In the motion picture, Evan Almighty, Morgan Freeman plays God. At one significant point he tells Evan Baxter, the recently elected congressman, that to ‘change the world,’ which was Evan’s catchphrase during his election campaign, that it simply takes “one act of random kindness at a time.”
I would normally say that that is the Christian’s prerogative--to do acts of random kindness; but realistically, anyone who does this--acting on the opportunity to be kind in random life--has the mind and heart of God, at that moment. They express his true form of love. Love is a verb. It’s expressed in action. So, now we know how to come closer to God; simply string one act of random kindness (no matter how small) to another, then another, and so on. And now we can truly see that Christians who do not routinely perform acts of random kindness are no better than their pagan neighbours; they do not behave in a godly way consistently and are therefore, like the Pharisees, hypocrites.
One of the other great spiritual ploys of the movie occurs when Evan’s wife (played by Lauren Graham) interacts with God in a diner, and he says words to the effect, ‘When you pray God does not give things, but only the opportunity by which to obtain things, [for example] togetherness of families.’ Evan was too busy to spend time with his family as congressmen but when the ark materials came it involved him with his boys. Building the ark was an opportunity to unite the family. It also underscores a valuable truth in prayer. If we pray for patience and God will not miraculously make us patient; but he will bless us with the opportunity to develop patience through a series of difficulties. We see that patience (like all virtues) can only be developed through exercise and practise. We need to roll our sleeves up and get our hands dirty, interacting with life!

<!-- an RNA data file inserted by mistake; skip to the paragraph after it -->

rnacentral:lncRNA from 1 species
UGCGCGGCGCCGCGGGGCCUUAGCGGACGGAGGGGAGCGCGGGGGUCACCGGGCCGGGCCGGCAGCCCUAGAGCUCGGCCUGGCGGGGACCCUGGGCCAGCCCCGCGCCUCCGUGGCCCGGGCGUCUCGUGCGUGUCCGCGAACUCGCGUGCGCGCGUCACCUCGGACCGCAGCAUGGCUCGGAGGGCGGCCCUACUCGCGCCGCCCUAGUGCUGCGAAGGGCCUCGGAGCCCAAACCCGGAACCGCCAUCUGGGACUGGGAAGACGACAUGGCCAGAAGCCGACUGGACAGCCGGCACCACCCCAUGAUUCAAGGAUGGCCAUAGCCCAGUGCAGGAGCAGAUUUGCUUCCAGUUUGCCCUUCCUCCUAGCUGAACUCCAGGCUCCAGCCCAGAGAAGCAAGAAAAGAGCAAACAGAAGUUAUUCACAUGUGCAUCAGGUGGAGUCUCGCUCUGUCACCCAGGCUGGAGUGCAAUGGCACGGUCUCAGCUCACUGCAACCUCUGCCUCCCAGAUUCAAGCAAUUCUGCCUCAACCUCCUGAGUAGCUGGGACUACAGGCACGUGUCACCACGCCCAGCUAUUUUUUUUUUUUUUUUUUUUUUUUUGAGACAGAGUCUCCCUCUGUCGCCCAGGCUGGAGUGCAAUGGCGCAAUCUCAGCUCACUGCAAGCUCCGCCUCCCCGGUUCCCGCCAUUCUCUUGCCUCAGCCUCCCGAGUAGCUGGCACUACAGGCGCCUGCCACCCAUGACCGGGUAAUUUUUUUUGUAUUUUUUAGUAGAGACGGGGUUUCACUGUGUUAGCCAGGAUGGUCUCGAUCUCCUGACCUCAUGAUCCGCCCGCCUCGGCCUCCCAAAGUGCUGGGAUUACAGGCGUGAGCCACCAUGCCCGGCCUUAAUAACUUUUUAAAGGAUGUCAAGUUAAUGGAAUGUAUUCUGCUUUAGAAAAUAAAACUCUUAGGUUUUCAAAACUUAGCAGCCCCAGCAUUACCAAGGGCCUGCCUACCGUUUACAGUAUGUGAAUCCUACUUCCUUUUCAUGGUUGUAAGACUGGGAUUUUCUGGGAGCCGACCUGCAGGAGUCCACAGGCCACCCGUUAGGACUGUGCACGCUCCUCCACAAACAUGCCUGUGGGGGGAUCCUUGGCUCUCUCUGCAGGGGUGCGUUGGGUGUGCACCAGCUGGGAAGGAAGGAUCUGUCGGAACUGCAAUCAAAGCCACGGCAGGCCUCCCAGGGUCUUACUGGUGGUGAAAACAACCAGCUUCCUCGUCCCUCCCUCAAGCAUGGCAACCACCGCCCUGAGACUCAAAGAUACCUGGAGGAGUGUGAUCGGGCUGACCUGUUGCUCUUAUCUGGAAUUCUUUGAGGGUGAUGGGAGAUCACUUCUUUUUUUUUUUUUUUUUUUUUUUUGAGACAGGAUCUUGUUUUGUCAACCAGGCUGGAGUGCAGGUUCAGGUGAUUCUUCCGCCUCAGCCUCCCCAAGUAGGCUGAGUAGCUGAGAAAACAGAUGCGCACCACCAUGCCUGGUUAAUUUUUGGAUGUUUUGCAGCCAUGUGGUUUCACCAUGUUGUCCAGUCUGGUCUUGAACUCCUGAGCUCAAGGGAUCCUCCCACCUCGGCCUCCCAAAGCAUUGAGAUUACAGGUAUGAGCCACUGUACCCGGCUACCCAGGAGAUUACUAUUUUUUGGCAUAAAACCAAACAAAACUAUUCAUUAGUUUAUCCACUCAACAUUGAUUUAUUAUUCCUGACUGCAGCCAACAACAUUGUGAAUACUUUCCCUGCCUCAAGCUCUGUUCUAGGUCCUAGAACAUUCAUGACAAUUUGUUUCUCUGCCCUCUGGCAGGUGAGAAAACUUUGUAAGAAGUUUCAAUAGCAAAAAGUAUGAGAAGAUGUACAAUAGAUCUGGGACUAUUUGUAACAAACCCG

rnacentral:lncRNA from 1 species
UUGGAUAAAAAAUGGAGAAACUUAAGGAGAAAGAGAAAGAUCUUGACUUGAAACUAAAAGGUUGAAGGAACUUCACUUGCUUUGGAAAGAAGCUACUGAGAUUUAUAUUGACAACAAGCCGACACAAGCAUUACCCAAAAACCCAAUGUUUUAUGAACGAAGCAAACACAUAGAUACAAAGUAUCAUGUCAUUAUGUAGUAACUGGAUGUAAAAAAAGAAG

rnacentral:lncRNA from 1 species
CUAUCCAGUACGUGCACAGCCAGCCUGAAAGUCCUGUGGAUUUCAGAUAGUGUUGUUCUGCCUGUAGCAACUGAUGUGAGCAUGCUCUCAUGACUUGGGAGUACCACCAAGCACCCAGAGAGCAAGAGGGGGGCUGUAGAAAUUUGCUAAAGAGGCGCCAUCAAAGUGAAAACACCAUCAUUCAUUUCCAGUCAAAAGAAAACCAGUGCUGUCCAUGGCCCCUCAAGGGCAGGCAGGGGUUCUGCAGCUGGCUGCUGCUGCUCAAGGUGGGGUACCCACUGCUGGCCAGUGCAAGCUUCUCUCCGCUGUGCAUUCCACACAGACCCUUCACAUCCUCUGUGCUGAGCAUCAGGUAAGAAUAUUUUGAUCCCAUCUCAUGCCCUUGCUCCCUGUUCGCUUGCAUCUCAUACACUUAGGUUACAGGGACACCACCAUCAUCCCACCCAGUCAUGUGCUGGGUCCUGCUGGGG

The great summation of both these points is God doesn’t do things for us; he provides the impetus, motivation, resolve, and equipment--the mind and the heart--the rest is up to us. We can whinge and complain, and we can dredge up all sorts of excuses why we can’t act on opportunities to do random kindnesses, but there’s no reasonable reason why we can’t. God doesn’t expect miracles from us, only simple things; it is not hard to please God. (But, when we do please him, that’s the miracle--simply because we so often avoid pleasing him!) We ought to simply make the most of our opportunities by acting more often on the needs of others or the things we see. The point is opportunity. It’s the common thread with both points. We must seize the opportunities. Looking for them and seizing them again takes practise. Responding with spontaneity reveals a heart prepared and willing to act.
The context of this is captured in the following quote, making it easier for us to comprehend that our sphere of influence is right there in front of us; it’s inescapable:
“Since you cannot do good to all, you are to pay special attention to those who, by the accidents of time, or place, or circumstances, are brought into closer connection with you.” -St. Augustine of Hippo.
We do not need to look too far to do random kindnesses; the opportunities are right before us every day.
Copyright © 2008, S. J. Wickham. All Rights Reserved Worldwide.